A major strength of the presented results is seen in the large number of pregnancies and neonates available for analysis, allowing for stratified analyses of the effect of gestational weight gain on rare adverse perinatal events. The data were collected for purposes not related to the study hypothesis. Data quality is high because completeness of the data is monitored annually across obstetric units as an integral part of benchmarking health care provision. The Bayerische Arbeitsgemeinschaft für Qualitätssicherung, providing the data for our study, is part of an established national program to generate annual statistics depicting an individual obstetric unit's deviation from national targets. This program has been run within all federal states over the last three decades. Data are collected in similar programs from the United Kingdom and the United States and have been analyzed in other studies on determinants of pregnancy outcomes.22,29–32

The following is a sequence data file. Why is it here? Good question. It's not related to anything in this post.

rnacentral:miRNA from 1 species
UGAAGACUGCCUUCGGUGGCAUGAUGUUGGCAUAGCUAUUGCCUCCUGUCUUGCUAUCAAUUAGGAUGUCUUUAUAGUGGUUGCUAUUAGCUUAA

Some items are more stringently checked than others depending on their relevance to the process of quality assurance and their use for administrative purposes within the hospital. This explains why there were no missing values with respect to the relevant pregnancy outcomes considered in this study. Height and weight at first visit, although essential for assessing prepregnancy BMI and gestational weight gain, are not essential for either quality assurance or administrative purposes and therefore were not as rigorously checked as other variables, accounting for missing values in approximately 4% of recorded cases. Implausible values of height and weight accounted for less than 1% of these exclusions. Both variables are routinely measured by the family physician or obstetrician a long time before occurrence of the pregnancy complications considered in our survey. Therefore, missing values for height and weight at first visit are unlikely to be related to the pregnancy outcomes considered.